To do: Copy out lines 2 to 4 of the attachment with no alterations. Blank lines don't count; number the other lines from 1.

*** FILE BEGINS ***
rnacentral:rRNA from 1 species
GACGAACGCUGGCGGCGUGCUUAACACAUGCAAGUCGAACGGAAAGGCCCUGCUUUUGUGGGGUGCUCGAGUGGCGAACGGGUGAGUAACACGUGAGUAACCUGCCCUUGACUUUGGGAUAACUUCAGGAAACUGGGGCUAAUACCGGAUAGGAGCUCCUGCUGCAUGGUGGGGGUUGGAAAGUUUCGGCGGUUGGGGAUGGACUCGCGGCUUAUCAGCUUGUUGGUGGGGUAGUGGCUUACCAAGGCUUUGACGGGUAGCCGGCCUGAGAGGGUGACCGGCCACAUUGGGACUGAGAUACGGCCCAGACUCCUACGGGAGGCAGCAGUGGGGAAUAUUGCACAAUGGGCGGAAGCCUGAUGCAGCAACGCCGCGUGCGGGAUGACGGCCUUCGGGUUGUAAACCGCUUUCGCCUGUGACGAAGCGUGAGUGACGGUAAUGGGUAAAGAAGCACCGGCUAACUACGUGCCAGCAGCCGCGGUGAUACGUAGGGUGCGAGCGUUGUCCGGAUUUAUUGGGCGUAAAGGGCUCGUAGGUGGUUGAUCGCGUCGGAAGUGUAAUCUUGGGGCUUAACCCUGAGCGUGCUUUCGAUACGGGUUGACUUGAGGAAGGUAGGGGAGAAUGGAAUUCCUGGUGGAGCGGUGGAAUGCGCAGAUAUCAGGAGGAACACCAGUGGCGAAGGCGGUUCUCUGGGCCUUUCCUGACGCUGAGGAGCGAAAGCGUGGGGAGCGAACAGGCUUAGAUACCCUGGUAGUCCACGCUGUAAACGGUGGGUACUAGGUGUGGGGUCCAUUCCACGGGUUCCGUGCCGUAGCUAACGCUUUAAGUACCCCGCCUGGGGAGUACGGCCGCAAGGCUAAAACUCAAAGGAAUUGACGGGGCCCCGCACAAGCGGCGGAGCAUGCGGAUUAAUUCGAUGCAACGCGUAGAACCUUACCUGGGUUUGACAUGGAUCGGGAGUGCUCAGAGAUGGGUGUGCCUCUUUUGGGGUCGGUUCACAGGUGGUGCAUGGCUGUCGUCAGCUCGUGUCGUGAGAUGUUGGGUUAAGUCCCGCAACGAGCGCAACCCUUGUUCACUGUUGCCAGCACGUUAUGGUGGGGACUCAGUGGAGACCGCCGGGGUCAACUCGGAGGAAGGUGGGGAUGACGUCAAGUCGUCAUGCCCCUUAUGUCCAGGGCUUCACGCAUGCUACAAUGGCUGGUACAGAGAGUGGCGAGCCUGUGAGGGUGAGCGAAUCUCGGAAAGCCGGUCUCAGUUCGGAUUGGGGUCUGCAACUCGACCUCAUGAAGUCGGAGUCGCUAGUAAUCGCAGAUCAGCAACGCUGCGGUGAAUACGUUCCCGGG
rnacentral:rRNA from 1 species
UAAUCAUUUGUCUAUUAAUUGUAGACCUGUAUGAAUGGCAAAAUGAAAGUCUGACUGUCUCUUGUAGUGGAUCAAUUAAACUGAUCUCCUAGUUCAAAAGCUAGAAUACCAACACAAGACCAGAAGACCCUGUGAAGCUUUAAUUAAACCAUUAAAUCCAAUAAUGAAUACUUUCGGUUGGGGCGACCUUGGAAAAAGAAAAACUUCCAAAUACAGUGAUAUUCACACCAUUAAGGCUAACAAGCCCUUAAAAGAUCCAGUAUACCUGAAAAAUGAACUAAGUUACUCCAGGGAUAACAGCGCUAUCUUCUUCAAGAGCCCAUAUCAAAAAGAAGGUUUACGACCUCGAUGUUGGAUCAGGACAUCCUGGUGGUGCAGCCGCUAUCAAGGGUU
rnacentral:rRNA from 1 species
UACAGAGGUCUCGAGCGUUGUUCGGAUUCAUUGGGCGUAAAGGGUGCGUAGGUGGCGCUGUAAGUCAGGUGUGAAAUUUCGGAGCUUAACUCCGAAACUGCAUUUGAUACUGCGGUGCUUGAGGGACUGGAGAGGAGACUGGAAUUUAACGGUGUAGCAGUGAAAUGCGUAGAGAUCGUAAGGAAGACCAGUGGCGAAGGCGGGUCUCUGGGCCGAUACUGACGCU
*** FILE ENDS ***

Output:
GACGAACGCUGGCGGCGUGCUUAACACAUGCAAGUCGAACGGAAAGGCCCUGCUUUUGUGGGGUGCUCGAGUGGCGAACGGGUGAGUAACACGUGAGUAACCUGCCCUUGACUUUGGGAUAACUUCAGGAAACUGGGGCUAAUACCGGAUAGGAGCUCCUGCUGCAUGGUGGGGGUUGGAAAGUUUCGGCGGUUGGGGAUGGACUCGCGGCUUAUCAGCUUGUUGGUGGGGUAGUGGCUUACCAAGGCUUUGACGGGUAGCCGGCCUGAGAGGGUGACCGGCCACAUUGGGACUGAGAUACGGCCCAGACUCCUACGGGAGGCAGCAGUGGGGAAUAUUGCACAAUGGGCGGAAGCCUGAUGCAGCAACGCCGCGUGCGGGAUGACGGCCUUCGGGUUGUAAACCGCUUUCGCCUGUGACGAAGCGUGAGUGACGGUAAUGGGUAAAGAAGCACCGGCUAACUACGUGCCAGCAGCCGCGGUGAUACGUAGGGUGCGAGCGUUGUCCGGAUUUAUUGGGCGUAAAGGGCUCGUAGGUGGUUGAUCGCGUCGGAAGUGUAAUCUUGGGGCUUAACCCUGAGCGUGCUUUCGAUACGGGUUGACUUGAGGAAGGUAGGGGAGAAUGGAAUUCCUGGUGGAGCGGUGGAAUGCGCAGAUAUCAGGAGGAACACCAGUGGCGAAGGCGGUUCUCUGGGCCUUUCCUGACGCUGAGGAGCGAAAGCGUGGGGAGCGAACAGGCUUAGAUACCCUGGUAGUCCACGCUGUAAACGGUGGGUACUAGGUGUGGGGUCCAUUCCACGGGUUCCGUGCCGUAGCUAACGCUUUAAGUACCCCGCCUGGGGAGUACGGCCGCAAGGCUAAAACUCAAAGGAAUUGACGGGGCCCCGCACAAGCGGCGGAGCAUGCGGAUUAAUUCGAUGCAACGCGUAGAACCUUACCUGGGUUUGACAUGGAUCGGGAGUGCUCAGAGAUGGGUGUGCCUCUUUUGGGGUCGGUUCACAGGUGGUGCAUGGCUGUCGUCAGCUCGUGUCGUGAGAUGUUGGGUUAAGUCCCGCAACGAGCGCAACCCUUGUUCACUGUUGCCAGCACGUUAUGGUGGGGACUCAGUGGAGACCGCCGGGGUCAACUCGGAGGAAGGUGGGGAUGACGUCAAGUCGUCAUGCCCCUUAUGUCCAGGGCUUCACGCAUGCUACAAUGGCUGGUACAGAGAGUGGCGAGCCUGUGAGGGUGAGCGAAUCUCGGAAAGCCGGUCUCAGUUCGGAUUGGGGUCUGCAACUCGACCUCAUGAAGUCGGAGUCGCUAGUAAUCGCAGAUCAGCAACGCUGCGGUGAAUACGUUCCCGGG
rnacentral:rRNA from 1 species
UAAUCAUUUGUCUAUUAAUUGUAGACCUGUAUGAAUGGCAAAAUGAAAGUCUGACUGUCUCUUGUAGUGGAUCAAUUAAACUGAUCUCCUAGUUCAAAAGCUAGAAUACCAACACAAGACCAGAAGACCCUGUGAAGCUUUAAUUAAACCAUUAAAUCCAAUAAUGAAUACUUUCGGUUGGGGCGACCUUGGAAAAAGAAAAACUUCCAAAUACAGUGAUAUUCACACCAUUAAGGCUAACAAGCCCUUAAAAGAUCCAGUAUACCUGAAAAAUGAACUAAGUUACUCCAGGGAUAACAGCGCUAUCUUCUUCAAGAGCCCAUAUCAAAAAGAAGGUUUACGACCUCGAUGUUGGAUCAGGACAUCCUGGUGGUGCAGCCGCUAUCAAGGGUU